Climategate and the First Rule of Holes

All right, class, what's the First Rule of Holes? That's right: "If you are in one, stop digging."

Events this weekend suggest that this isn't covered in the usual climatology graduate program.

You may recall the ongoing Climategate scandal (or if not, then pop over to the PJTV Climategate roundup page and check it out). There are many details, but the short summary is that the Climategate files contain emails, program code, and climate data that suggest a small group of climate scientists massaged the data in order to make a stronger case for CO2-driven global warming than the data really supports; conspired to prevent their data from being released under the freedom of information laws in the U.S. and UK; and went to great lengths to control publications about climate science, so that dissenting scientists weren't published in the "peer-reviewed" literature, and so that journalists were properly identified and disciplined in order to make sure the correct views were presented.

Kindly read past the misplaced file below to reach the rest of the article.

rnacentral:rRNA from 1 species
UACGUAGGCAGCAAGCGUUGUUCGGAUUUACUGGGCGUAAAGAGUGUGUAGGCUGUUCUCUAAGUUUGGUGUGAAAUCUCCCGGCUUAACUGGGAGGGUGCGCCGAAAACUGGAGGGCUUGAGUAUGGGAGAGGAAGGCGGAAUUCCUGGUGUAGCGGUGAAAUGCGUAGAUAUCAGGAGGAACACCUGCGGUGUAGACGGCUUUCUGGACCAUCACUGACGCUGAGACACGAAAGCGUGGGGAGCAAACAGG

Of those, the attempt to subvert peer review and control the discussion are probably the biggest offenses, at least from a scientist's point of view; as I argued a few days ago, those are violations of the social contract that underlies the whole of science.

You might imagine that once the scandal was well and truly launched, there would be some attempt to recover -- and certainly there have been some. The UK Meteorological Office announced it was making all the raw data it holds available to outside researchers, while they started a three-year project to reevaluate that data in light of the questions raised by the emails. The National Climatic Data Center announced an open-access data policy. Mike Hulme, one of the CRU climate inner circle, wrote a limited mea culpa in the Wall Street Journal in which he allowed that the sense of the science being "settled" was overstated and itself unscientific.